Famous for its houseboats and still lake surrounded by gallery forests, with a feeling of tranquillity and calm, Lake Kariba is the largest reservoir in the world, and where the locals go on holiday to relax and recharge.
In the 1940s the scheme to build a hydroelectric dam that would provide electricity for Zimbabwe and Zambia began to be put forward. The construction of the dam started in 1954 and took four years and 8,000 workers to build the 123m high walls. The deep and narrow granite gorge that the Zambezi runs down provided the perfect area for it and today the lake runs back for 174 miles and 25 miles at its widest point.
In the years following the building of the dam and as the water levels rose, many islands were formed, stranding animals. While the local tribes that had been displaced struggled to find a new life for themselves, about £1,000 was spent by the government and international aid community for each animal to be rescued. ‘Operation Noah’ received worldwide recognition with huge teams of volunteers, who helped to rescue about 5,000 animals.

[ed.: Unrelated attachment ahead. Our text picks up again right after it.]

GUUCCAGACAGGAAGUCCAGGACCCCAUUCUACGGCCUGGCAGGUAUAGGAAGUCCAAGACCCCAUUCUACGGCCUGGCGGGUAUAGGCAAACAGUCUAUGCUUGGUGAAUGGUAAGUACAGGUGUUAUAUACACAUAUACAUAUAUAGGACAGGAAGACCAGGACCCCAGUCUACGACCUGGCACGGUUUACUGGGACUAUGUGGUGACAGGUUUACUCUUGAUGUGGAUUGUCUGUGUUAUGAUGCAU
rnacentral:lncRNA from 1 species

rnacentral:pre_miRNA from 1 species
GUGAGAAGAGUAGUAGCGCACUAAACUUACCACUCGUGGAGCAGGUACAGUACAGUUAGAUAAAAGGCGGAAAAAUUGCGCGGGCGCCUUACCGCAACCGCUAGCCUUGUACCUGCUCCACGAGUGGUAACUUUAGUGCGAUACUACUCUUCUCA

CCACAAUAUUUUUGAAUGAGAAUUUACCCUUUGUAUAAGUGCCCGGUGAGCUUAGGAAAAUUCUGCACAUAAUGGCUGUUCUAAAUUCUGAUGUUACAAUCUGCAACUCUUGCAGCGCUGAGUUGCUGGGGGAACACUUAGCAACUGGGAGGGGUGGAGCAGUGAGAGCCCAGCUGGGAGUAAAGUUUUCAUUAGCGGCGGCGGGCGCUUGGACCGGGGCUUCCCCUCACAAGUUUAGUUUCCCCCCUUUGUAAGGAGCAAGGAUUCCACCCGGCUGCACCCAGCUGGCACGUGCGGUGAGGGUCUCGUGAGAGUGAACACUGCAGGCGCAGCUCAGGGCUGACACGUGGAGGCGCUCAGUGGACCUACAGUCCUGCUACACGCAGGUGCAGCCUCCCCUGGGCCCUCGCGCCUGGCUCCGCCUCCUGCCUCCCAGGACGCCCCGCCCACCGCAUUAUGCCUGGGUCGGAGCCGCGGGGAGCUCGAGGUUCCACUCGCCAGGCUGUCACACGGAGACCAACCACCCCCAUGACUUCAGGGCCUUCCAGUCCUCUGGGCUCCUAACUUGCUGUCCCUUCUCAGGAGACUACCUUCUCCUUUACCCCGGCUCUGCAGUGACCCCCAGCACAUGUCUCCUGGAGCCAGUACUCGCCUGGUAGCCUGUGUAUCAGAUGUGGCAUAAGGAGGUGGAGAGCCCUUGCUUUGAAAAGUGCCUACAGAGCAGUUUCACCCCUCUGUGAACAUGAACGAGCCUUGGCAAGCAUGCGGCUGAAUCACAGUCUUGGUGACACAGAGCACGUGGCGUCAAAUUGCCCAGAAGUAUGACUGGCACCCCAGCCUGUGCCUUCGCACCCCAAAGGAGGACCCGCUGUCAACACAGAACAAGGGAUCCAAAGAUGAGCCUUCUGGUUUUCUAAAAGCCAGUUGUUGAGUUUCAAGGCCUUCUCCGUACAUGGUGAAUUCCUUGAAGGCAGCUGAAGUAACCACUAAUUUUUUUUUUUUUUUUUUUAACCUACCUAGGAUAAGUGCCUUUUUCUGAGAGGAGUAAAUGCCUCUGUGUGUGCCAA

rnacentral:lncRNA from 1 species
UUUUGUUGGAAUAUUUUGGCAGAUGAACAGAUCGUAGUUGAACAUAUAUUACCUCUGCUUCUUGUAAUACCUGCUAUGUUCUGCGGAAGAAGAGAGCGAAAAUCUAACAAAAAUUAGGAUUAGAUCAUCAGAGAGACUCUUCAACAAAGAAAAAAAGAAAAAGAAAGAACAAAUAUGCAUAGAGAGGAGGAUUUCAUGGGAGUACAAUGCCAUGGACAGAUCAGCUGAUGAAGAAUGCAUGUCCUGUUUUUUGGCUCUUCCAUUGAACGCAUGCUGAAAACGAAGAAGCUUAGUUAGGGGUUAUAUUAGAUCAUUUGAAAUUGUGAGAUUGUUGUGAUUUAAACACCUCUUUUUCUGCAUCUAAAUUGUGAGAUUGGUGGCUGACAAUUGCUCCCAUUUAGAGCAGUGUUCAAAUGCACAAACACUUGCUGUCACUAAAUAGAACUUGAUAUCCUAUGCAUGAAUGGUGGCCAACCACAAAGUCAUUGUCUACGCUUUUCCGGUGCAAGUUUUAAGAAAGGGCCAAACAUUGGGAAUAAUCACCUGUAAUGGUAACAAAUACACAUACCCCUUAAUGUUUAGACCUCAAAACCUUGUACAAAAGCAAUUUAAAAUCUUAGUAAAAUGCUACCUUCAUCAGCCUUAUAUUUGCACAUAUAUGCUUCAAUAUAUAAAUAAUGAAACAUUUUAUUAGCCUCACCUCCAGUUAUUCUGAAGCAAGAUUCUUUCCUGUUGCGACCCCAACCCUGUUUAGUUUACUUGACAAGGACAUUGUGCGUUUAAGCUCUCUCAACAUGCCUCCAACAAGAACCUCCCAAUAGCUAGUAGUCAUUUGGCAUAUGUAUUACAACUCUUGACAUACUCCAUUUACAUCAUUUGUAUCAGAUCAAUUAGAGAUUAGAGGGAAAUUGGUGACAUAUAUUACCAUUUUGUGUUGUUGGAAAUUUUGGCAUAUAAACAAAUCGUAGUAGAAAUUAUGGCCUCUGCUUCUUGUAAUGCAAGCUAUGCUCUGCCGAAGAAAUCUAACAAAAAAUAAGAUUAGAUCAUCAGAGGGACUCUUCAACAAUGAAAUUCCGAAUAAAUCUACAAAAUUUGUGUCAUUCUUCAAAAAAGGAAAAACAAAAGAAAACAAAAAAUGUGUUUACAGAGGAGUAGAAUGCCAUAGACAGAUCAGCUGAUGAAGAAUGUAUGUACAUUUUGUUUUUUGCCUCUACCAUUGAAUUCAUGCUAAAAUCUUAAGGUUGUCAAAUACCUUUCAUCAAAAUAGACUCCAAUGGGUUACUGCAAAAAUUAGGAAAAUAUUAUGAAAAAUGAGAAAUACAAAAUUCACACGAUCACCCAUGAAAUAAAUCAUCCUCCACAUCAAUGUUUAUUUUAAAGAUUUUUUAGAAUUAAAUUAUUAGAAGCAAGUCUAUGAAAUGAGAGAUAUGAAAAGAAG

Before area that would become Lake Kariba was flooded, all the vegetation underwent burning, which has made for a fertile lake bed. This in turn means there is a thriving lake ecology that includes many species of indigenous fish as well as some introduced to the lake from Lake Tanganyika, making the area a popular fishing destination. Nile crocodiles, hippos and many species of water birds including cormorants and fish eagles inhabit the shoreline as well as the occasional herd of elephant.
Currently the main accommodation on the Zimbabwe side of Lake Kariba are Bumi Hills Safari Lodge and Changa Safari Camp, who can organise anything from fishing trips and gorge walks to wildlife drives and private boat cruises.